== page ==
More About the Author
If we writers are the sum of our life experiences, my account balance grew leaps and bounds when my beloved dream home in the Colorado mountains burned to the ground in the wildfire from hell in 2011.
One night my husband and I were looking forward to a much-needed vacation. The next morning everything we owned fit into our Ford Explorer with room to spare.
I like to think I emerged from the ashes a better person and a better writer, more easily able to dig down and bare the truths that are often hard to face. But it's not an experience I would wish on anyone, even the fourth grade teacher who used to rap my knuckles with a ruler to get me to stop scribbling and pay attention to memorizing something or other.
Losing everything you own is a profoundly life-altering experience. Forever after life will be divided into BF and AF. Being forced to let go of long-held dreams and discover how to move on and find new ones is something that changes you - either for the better or for the worse. A dozen neighbors also lost their homes that night. Some of them are dreaming new dreams. Others are lost and bitter, stuck in a past they can't seem to escape from.
I wrote my latest book, Surviving Wildfire: Get Prepared, Stay Alive, Rebuild Your Life because there's nothing worse than standing in your rubble thinking about all the things you could and should have done differently. So I filled Surviving Wildfire with all the latest preparedness and recovery research, along with real-life ah-hahs and oh-nos you won't find anywhere else.
It's not a big book; you can read it cover to cover in a couple of hours. I know it's a couple of hours that will open your eyes and could save your home or even your life. Not to mention hundreds of thousands of dollars and uncountable hours of heartache. (survivingwildfire.com)
I came very close to going into higher education; I guess I have an irrepressible urge to find ways to make that internal light bulb go off. That same urge that led me to write Living with Bears: A Practical Guide to Bear Country (livingwithbears.org). I'm really proud that it's become the unofficial bible of living responsibly with wildlife.
I think that's what sets both my handbooks and all my articles and non-fiction apart - it's pretty hard to read them and not be inspired to do something. Along the way you'll find a lot that will have you reaching for the nearest post it note. And even in the face of unspeakable loss, there is always something to smile about.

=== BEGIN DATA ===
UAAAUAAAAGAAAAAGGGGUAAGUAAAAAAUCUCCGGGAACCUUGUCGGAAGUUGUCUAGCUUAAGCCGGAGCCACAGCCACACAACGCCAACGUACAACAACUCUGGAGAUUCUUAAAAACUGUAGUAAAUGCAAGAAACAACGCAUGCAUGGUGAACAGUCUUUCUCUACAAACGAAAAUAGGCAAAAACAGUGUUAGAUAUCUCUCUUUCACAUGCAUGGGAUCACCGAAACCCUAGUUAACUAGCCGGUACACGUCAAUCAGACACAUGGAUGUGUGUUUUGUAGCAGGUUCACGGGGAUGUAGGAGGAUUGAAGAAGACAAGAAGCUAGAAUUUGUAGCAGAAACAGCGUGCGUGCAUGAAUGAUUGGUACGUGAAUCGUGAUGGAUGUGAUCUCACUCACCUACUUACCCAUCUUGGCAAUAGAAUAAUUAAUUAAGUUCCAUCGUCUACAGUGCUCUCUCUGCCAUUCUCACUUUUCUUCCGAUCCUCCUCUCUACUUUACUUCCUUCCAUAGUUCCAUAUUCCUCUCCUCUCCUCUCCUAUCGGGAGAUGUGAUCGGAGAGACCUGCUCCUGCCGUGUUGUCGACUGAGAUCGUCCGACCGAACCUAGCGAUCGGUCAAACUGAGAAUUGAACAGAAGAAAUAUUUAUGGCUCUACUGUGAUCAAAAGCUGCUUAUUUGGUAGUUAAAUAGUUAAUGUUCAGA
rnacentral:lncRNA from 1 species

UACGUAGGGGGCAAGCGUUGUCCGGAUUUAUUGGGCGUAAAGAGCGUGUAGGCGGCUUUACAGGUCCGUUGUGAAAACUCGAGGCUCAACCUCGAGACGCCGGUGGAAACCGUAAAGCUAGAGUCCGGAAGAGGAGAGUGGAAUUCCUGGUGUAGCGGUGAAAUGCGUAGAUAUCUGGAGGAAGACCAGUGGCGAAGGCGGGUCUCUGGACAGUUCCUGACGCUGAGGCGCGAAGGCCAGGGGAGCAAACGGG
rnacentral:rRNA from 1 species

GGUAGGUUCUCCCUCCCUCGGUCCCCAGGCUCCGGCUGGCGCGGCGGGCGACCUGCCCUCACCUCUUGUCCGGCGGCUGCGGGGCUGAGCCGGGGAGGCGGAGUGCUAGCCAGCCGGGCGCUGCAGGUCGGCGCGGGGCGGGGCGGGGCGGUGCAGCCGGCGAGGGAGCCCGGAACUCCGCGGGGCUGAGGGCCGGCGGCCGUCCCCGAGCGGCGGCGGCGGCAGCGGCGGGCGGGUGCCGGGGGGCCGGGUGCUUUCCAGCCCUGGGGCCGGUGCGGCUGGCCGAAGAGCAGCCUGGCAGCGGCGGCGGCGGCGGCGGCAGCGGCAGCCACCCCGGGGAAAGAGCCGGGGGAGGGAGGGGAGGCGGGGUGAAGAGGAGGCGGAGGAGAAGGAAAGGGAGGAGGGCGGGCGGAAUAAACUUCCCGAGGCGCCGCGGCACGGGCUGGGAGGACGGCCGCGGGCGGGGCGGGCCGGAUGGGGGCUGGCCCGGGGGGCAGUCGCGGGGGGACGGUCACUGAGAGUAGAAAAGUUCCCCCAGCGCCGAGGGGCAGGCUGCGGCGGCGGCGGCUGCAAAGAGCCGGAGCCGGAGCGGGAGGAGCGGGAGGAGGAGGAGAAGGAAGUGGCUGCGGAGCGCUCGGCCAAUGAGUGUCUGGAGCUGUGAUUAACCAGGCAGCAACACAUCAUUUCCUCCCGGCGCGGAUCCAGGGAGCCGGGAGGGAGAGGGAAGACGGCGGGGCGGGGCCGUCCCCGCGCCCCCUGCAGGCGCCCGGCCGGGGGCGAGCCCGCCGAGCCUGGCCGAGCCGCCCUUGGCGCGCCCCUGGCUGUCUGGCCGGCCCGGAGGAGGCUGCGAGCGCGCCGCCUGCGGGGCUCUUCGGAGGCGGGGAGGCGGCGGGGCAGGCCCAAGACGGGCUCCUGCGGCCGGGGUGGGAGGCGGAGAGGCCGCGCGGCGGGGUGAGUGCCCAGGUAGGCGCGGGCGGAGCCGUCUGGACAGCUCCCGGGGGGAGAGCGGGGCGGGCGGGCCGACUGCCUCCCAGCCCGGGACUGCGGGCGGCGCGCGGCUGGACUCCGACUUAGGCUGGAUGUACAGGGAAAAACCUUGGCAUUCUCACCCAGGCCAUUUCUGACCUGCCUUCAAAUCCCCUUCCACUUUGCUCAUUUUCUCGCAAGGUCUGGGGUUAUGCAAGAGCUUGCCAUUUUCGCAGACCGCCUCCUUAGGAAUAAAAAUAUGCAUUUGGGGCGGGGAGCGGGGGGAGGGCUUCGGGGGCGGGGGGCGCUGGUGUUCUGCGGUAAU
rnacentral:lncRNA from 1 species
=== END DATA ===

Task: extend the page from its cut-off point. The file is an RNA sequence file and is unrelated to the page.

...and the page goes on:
So be forewarned: start reading and somewhere along the way you're going to be inspired to get up off your couch and go do something. But don't worry, you'll be glad you did.
For how I got started scribbling for a living, read on...
My first "book" was a 90-page narrative written in long hand in the loopy cursive of a thirteen-year-old dreamer. I penned a tale of a lost dog that after many misadventures was finally rescued and lived happily ever after. Throughout high school and college my term papers and reports were returned with notes scribbled in the margins urging me to consider a career in whatever I'd been writing about.
Apparently I was not that quick of a study when it came to my own future; it took me several more years to figure out that the passion my teachers mistook for interest in a field was a passion to communicate.
When the light bulb finally went off I took an abrupt left turn out of the insurance industry and into the world of advertising, where I got to put my ability to write enthusiastically and convincingly about anything to good use. Along the way I also wrote a couple of small mystery novels, several children's books and umpteen million articles.
Fast forward a couple of decades, as my husband and I decide to abandon our corporate careers in the big city before we need to consider assisted living, and turn our dream of living on a mountaintop out West into reality.
We had eleven great years to live our dreams - a lot more than many people have. For that I will be eternally grateful. You already know what happened next.
Where are we now? We're settled into a "new" old log home on the outskirts of Fort Collins, Colorado, with a view of the mountains we used to call home. We miss our old life and all those things you can't replace that add up to a lifetime of memories. We find ourselves reaching for things that are no longer there. At a time when a lot of people are de-cluttering their lives, we still have closets with nothing in them.
I'm doing a lot of presentations, and starting to work on some new projects. Life isn't the same, but it's good. And every day we are thankful for what we do have: each other, our families, our friends, and our chance to make a difference.